Join the Stakeholder Discussion to Iron out What Ails Kenya Tech Ecosystem

elders meeting

Elders meeting

Kenya’s tech space has recently had a hit with the Angani kerfuffle that requires a real conversation among the people who mean well for the space. As a backgrounder, Angani, a Kenyan startup dealing in virtualized cloud services had a boardroom wrangle that led to customers feeling the pinch when services went down for over 2 weeks. This according to many sources was as a result of the Angani board feeling that the previous CEO wasn’t going to take the company to the heights they had plans for. The transition was messy. You may have read it in any of the links below:

Why Angani Limited Should Compensate their Suffering Clients

STARTUPS Angani CEO Ousted | Customers Planning to Sue for Downtime,

Angani’s Cloud Service Goes Down, Taking Dozens Of Kenyan Apps And Web Services With It,

Evidence Suggests Erik Hersman & Riyaz Bachani Orchestrated The Ousting Of Angani Founders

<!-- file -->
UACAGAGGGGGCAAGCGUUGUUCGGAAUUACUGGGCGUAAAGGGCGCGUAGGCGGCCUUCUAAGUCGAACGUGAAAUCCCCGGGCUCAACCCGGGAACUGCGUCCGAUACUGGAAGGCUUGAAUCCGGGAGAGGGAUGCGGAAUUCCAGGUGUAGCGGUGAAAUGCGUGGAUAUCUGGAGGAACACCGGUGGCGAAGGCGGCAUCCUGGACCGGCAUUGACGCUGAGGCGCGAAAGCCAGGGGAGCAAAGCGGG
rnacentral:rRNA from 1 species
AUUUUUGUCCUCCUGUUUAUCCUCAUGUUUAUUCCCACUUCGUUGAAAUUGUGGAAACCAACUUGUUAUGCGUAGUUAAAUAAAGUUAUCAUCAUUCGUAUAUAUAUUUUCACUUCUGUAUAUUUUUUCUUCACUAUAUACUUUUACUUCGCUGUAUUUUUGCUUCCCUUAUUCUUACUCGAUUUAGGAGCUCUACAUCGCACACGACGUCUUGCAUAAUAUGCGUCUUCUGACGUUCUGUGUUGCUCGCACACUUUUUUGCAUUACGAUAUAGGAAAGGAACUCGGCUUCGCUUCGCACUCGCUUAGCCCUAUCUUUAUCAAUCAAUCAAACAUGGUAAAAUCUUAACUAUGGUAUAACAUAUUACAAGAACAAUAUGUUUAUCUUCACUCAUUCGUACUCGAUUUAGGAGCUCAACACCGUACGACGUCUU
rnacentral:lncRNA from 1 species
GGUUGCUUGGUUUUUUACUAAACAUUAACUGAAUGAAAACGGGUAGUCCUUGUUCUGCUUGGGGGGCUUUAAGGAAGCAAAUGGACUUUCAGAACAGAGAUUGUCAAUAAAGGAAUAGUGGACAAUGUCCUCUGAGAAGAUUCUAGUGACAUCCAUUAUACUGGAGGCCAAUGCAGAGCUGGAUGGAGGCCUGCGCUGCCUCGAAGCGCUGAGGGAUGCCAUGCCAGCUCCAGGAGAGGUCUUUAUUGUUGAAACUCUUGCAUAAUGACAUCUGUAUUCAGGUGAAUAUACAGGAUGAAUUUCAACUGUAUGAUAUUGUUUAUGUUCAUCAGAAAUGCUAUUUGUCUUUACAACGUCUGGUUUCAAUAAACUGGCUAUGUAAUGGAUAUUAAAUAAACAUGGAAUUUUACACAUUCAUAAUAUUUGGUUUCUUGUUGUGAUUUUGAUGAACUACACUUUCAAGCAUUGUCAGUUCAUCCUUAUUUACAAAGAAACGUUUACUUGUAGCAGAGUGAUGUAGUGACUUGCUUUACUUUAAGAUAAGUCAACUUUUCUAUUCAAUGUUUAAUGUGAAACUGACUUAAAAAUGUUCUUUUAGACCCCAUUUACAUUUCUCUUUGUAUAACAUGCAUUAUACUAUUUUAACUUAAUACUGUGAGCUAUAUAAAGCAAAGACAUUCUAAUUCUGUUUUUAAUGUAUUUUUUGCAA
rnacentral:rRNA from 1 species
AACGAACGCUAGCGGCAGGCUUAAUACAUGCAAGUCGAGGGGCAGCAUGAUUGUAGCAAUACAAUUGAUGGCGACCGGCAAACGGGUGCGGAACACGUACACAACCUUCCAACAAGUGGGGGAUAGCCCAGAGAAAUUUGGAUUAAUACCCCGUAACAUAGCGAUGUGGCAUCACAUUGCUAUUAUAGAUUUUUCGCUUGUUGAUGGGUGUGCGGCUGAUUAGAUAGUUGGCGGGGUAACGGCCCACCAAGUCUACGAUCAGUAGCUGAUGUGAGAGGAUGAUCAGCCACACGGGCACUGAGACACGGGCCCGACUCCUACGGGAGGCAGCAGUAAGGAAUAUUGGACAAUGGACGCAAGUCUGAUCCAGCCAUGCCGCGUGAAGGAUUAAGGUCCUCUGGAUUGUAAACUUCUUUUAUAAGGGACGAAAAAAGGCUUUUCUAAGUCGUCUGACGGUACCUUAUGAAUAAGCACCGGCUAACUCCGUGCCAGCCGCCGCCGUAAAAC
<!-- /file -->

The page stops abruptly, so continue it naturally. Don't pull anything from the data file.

Corruption in the Silicon Savannah

Startup Governance in Silicon Savannah

All with various angles and insights onto the matter. This also made it to various forums including social media. It was huge.

Sam Gichuru of Nailab has called out on the main players in the Kenyan tech space to meet up later today Wednesday 25th at Nailab on Bishop Magua on Ngong road. The aim of this meeting is to get the “elders” to discuss this matter, chart a way forward as it needs a way out. Sam confirms to me that several people have confirmed attending and this includes Ushahidi and BRCK leadership and other well-established individuals. He promises that the setting will be a heavily moderated session that will be devoid of name calling, less focus on who did what and more on what we need to do. Reason for this is because the situation Angani has been in does not only affect the company, but the wider ecosystem, so we need to discuss on how to overcome the bad PR we are already in.

We need that to ensure both startups and investors don’t lose faith in the industry and that we can decide what defines us. Either as problem solvers or victims. It is during such settings that we have had projects like Enterprise Kenya that sought to address the gap that was Kenyan firms as government suppliers and we have had quite some progress on that end. This is now another dimension that we, the players need to chart the way forward for, and get things working for us the way we would like it to be.